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Promode Kumar Pandit Vs. Mritunjoy Mukherjee and anr. - Court Judgment

LegalCrystal Citation
SubjectProperty;Civil
CourtKolkata High Court
Decided On
Case NumberA.F.A.D. No. 751 of 1961
Judge
Reported inAIR1967Cal354
ActsCode of Civil Procedure (CPC) , 1908 - Sections 9, 47 and 100 - Order 21, Rule 64; ;Tenancy Law; ;Bengal Tenancy Act, 1885 - Section 173
AppellantPromode Kumar Pandit
RespondentMritunjoy Mukherjee and anr.
Advocates:Hariprosanna Mukherjee and ;Norottam Chatterjee, Advs.
DispositionAppeal dismissed
Cases ReferredNarahari v. Muralidhar Bout
Excerpt:
- .....sold her interest on september 7, 1930 ostensibly to one laksminarayan. the landlord filed rent suit no. 1105of 1942 against kumarish, kanaklata and mohini chhutarini who, according to the plaintiff, was the real purchaser under the above sale from kanaklata and laksminarayan the ostensible purchaser was her benamdar. in the said suit, the landlord got a decree and in execution of that decree, kumarish auction-purchased the holding in the benami of his sister's son haradhan. according to the plaintiff, kumarish, as the real auction-purchaser, was in possession since the date of the said auction sale until he sold the suit land to dhananjoy and kuranibala on april 3, 1948. from these two persons, the plaintiff purchased the suit property on kartick 24, 1359 b.s., and he claims to.....
Judgment:

P.N. Mookerjee, J.

1. This appeal is by defendant No. 1 and it arises out of a suit for declaration of title, confirmation of possession and injunction.

2. Shortly stated, the relevant facts lie within a short compass. The disputed property originally belonged to two brothers, Kumarish Dutt and Kaladhauta Dutta. The latter died, leaving behind his widow Kanaklata as his only heir. Thereafter, Kanaklata sold her interest on September 7, 1930 ostensibly to one Laksminarayan. The landlord filed Rent Suit No. 1105of 1942 against Kumarish, Kanaklata and Mohini Chhutarini who, according to the plaintiff, was the real purchaser under the above sale from Kanaklata and Laksminarayan the ostensible purchaser was her benamdar. In the said suit, the landlord got a decree and in execution of that decree, Kumarish auction-purchased the holding in the benami of his sister's son Haradhan. According to the plaintiff, Kumarish, as the real auction-purchaser, was in possession since the date of the said auction sale until he sold the suit land to Dhananjoy and Kuranibala on April 3, 1948. From these two persons, the plaintiff purchased the suit property on Kartick 24, 1359 B.S., and he claims to have been in possession of the suit land since then. Thereafter, defendant No. 1 succeeded in a Section 9 proceeding which necessitated the present suit by the plaintiff.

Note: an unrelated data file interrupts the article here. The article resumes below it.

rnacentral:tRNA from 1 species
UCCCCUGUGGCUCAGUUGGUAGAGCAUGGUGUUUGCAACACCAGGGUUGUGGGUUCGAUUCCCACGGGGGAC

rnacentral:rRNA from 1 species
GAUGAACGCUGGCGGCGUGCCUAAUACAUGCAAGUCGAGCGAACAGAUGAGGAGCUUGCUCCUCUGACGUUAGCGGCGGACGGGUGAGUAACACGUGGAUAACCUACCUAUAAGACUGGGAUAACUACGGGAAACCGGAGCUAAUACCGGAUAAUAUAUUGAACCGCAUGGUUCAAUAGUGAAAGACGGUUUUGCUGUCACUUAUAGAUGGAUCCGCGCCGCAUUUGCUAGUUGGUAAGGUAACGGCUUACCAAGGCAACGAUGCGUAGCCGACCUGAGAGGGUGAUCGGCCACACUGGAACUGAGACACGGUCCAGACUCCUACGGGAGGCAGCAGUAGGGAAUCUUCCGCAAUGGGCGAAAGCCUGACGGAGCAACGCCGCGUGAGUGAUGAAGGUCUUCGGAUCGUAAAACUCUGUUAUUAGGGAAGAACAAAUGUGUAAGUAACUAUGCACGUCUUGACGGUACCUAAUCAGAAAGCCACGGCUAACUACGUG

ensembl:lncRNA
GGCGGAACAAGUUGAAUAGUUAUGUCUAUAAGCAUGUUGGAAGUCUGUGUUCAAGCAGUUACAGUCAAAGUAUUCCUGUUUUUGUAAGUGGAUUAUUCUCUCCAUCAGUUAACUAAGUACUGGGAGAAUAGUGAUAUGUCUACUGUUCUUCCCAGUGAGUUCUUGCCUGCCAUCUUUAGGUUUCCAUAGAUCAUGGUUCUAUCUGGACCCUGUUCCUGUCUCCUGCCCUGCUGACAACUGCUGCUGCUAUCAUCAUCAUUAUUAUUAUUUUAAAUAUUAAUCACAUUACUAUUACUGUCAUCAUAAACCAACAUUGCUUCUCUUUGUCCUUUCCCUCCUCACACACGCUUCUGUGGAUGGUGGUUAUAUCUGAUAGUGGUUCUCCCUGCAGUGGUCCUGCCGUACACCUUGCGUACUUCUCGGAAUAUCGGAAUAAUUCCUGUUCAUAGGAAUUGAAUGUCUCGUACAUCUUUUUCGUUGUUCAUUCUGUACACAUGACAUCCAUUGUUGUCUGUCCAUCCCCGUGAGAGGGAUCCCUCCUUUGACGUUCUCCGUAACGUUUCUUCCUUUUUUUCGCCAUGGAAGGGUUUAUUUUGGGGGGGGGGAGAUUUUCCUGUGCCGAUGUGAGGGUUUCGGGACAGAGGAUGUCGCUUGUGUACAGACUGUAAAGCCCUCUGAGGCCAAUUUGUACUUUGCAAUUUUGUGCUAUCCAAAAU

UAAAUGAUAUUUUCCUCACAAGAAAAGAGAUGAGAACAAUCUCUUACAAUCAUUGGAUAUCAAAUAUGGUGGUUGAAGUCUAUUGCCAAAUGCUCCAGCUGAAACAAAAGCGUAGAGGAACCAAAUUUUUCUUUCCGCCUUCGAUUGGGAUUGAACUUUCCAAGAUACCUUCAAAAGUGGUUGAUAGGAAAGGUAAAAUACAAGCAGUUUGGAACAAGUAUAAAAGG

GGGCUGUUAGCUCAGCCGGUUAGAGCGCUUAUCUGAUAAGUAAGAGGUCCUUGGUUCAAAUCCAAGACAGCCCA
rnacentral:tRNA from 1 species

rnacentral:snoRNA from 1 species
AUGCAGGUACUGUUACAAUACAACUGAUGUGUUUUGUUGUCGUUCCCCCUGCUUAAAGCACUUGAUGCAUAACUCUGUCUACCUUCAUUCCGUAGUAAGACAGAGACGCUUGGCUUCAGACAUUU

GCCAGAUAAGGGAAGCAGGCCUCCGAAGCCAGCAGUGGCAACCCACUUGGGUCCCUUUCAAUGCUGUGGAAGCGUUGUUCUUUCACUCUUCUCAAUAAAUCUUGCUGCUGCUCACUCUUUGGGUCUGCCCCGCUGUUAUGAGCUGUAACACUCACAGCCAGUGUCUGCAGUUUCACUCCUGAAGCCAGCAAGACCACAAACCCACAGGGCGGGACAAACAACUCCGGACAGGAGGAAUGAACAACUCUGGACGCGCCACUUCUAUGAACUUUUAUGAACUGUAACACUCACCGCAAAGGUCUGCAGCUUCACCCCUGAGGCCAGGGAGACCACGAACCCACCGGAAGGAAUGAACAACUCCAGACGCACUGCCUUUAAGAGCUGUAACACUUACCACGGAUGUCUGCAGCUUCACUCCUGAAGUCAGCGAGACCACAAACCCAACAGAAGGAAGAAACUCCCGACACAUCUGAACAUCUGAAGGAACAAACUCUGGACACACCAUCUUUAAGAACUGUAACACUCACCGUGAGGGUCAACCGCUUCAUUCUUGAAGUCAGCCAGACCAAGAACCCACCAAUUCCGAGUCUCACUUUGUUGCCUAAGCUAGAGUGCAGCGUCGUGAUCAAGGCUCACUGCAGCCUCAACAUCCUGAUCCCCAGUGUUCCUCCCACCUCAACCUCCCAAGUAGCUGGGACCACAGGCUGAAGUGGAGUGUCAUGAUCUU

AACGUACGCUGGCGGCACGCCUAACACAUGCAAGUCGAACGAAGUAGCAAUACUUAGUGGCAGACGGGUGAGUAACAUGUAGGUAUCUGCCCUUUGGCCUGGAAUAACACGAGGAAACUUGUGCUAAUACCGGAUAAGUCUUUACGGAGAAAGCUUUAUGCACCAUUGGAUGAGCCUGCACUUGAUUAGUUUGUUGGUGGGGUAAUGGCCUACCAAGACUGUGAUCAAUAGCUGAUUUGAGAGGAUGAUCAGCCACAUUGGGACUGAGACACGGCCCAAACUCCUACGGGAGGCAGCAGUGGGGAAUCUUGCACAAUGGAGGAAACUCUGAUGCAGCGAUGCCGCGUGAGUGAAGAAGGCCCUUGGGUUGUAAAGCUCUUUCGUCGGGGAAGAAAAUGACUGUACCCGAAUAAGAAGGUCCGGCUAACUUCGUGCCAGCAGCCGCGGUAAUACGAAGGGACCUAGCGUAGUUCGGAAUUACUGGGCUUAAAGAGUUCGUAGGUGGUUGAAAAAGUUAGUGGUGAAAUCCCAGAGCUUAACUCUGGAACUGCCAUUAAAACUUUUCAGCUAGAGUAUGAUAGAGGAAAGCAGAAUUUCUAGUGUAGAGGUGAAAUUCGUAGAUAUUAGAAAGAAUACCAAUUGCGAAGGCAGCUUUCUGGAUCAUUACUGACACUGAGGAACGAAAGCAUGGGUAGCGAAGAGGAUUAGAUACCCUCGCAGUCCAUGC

3. The courts below have concurrently decreed the plaintiff's suit. Before the courts below, various defences were taken but, upon the findings, the position stands as follows :

That Kumarish was the auction purchaser in the rent sale, mentioned hereinbefore, and Haradhan was his benamdar. That this is so is abundantly clear from the nadabi, executed by Haradhan in favour of Kumarish, making a declaration to that effect, on January 19, 1945.